WordReference Random House Learner's Dictionary of American English © 2015
pick1 /pɪk/USA pronunciation v. [+ object]
  1. to choose or select, esp. with care:She picked the best detective on the force to head the investigation.
  2. to seek occasion for; provoke:to pick a fight.
  3. to attempt to find;
    seek out:trying to pick flaws in his argument.
  4. to steal the contents of:to pick a pocket.
  5. to open (a lock) with a device other than a key, esp. for the purpose of burglary:The spy managed to pick the lock and get into her house.
  6. to pierce or break up (something) with a pointed instrument:to pick iron ore.
  7. to use a pointed instrument on (a thing), to remove particles or something stuck:After dinner he grabbed a toothpick and began to pick his teeth.
  8. to prepare for use by removing a covering, as feathers:to pick a fowl.
  9. to detach or remove piece by piece with the fingers:to pick meat from the bones.
  10. to pull out and gather one by one:to pick flowers.
    • to pluck (the strings of a musical instrument):She picked the strings softly at first.
    • to play (a stringed instrument) by plucking with the fingers:strumming and picking his guitar.
  11. pick apart, to criticize severely or in great detail: [+ apart + object]picked apart his arguments one by one.[+ object + apart]picked most of his arguments apart.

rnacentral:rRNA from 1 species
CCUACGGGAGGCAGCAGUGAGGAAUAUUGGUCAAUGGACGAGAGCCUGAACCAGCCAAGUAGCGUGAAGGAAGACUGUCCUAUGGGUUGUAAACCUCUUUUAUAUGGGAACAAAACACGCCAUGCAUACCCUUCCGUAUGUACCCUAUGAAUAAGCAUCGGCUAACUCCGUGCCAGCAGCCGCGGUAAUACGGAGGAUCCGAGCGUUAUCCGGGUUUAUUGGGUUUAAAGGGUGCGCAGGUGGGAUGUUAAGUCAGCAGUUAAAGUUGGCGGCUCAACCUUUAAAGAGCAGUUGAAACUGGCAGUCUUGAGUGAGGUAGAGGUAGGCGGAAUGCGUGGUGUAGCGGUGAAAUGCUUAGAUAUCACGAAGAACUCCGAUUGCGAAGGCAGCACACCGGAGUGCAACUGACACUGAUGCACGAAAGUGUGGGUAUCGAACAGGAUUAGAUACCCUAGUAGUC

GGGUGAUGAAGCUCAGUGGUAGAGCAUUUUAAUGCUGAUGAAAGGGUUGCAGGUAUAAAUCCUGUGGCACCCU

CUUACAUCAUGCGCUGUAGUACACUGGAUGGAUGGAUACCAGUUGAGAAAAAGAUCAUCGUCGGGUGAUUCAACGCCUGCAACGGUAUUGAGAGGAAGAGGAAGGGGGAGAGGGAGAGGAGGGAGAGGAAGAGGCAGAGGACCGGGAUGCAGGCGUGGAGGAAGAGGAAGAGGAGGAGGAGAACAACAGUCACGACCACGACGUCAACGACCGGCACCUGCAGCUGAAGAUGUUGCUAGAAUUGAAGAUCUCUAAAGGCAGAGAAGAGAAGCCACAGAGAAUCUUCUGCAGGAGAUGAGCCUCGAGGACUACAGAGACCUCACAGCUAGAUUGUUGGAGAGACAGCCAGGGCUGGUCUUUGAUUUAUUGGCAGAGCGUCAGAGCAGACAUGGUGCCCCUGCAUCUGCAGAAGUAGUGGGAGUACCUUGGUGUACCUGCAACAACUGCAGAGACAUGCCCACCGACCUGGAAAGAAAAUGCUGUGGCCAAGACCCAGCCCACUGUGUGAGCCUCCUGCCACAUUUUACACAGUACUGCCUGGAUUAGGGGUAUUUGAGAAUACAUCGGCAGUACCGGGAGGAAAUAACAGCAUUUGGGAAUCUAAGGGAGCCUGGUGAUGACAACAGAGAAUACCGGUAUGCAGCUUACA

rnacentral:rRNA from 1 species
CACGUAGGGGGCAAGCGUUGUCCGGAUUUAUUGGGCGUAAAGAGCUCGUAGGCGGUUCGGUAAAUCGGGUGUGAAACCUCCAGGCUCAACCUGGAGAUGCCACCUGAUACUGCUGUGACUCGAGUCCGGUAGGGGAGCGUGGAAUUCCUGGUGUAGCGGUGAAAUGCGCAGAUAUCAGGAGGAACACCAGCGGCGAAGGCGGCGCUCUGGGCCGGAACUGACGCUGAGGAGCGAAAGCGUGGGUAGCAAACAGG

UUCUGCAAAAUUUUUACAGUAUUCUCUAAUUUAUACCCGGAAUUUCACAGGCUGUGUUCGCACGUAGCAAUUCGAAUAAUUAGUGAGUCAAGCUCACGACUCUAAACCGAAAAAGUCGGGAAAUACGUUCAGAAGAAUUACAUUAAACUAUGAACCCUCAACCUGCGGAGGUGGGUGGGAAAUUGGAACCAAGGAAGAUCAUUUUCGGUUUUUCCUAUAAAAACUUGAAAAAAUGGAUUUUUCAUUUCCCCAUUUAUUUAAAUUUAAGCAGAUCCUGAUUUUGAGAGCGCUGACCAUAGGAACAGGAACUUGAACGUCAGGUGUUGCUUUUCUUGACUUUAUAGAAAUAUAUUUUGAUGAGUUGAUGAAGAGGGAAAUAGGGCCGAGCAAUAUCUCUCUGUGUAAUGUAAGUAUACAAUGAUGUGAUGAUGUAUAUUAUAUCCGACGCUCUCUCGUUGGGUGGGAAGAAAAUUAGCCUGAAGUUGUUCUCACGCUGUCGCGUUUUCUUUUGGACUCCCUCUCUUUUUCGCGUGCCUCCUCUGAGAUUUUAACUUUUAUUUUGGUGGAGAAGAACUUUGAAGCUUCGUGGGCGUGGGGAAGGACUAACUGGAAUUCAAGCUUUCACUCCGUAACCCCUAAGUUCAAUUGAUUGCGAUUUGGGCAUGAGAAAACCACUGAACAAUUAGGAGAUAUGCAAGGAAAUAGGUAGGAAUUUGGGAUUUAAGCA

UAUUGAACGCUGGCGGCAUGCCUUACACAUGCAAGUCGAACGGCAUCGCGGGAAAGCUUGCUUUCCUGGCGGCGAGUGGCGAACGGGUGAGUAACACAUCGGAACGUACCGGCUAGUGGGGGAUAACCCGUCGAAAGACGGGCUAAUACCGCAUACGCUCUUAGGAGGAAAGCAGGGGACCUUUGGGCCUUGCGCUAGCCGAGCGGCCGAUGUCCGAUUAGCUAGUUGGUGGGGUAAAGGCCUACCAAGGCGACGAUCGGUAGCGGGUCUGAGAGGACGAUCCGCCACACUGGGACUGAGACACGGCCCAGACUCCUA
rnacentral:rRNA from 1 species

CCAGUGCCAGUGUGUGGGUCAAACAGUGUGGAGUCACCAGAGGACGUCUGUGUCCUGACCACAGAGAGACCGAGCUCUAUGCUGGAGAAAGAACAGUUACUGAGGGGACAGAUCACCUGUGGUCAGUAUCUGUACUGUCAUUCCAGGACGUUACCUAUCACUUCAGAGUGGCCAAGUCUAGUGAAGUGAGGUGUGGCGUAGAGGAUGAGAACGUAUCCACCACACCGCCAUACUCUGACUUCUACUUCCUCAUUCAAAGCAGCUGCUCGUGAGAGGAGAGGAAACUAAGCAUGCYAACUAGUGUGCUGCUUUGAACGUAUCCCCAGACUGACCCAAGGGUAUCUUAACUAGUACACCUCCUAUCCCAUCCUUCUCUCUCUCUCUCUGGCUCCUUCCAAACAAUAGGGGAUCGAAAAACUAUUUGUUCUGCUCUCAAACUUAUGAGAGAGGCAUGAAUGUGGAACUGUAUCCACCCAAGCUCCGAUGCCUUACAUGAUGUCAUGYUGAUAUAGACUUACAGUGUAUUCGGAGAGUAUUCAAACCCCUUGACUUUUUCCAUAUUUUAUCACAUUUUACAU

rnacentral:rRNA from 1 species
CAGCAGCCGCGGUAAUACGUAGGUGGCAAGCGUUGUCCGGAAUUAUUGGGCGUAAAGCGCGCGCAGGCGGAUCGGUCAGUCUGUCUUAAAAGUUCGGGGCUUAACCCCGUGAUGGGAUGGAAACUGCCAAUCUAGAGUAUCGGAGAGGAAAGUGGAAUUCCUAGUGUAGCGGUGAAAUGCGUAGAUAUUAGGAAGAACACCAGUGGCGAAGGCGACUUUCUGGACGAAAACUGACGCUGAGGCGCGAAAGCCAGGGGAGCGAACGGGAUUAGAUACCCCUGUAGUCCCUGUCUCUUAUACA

12. pick at, [+ at + object]
    • to find fault with; nag:He kept picking at her until she exploded.
    • to eat only a small amount:For days she only picked at her meals.
    • to grasp at; touch;
      handle:a nervous habit of picking at his jacket sleeve.
    pick off: 
    • to remove by pulling or plucking off: [+ off + object]She picked off the feathers from the chicken.[+ object + off]She picked the feathers off the chicken.
    • to single out and shoot: [+ off + object]picked off a duck rising from the marsh.[+ object + off]With this rifle an assassin could pick you off at a thousand yards.
    • [Baseball.]to put out (a base runner) in a pick-off play: [+ off + object]picked off three players in one game.[+ object + off]picked me off twice in one game.
    pick on, [+ on + object]
    • to tease; bother greatly;
      harass:The other kids picked on her because she was poor.
    • to single out;
      choose:The teacher tended to pick on her often because she came to class prepared.
    pick out: 
    • to choose; select: [+ out + object]Pick out the best tomatoes.[+ object + out]She picked the best tomatoes out and left the rest.
    • to distinguish (something) from that which surrounds: [+ out + object]to pick out her face in a crowd.[+ object + out]Can you pick that criminal's face out from among these photos?
    • to work out (a melody) note by note; play by ear: [+ out + object]idly picking out a tune.[+ object + out]She picked a tune out on the piano.
    pick up: 
    • to lift or take up: [+ up + object]to pick up a stone.[+ object + up]He picked the stone up.
    • to gather or collect, esp. systematically: [+ up + object]Please pick up the pieces.[+ object + up]Pick the pieces up.
    • [+ up + object] to gain or acquire:picked up nine yards on the play.
    • to obtain or learn casually or as a result of occasional opportunity: [+ up + object]I've picked up a few Japanese phrases.[+ object + up]I was able to pick English up fairly quickly.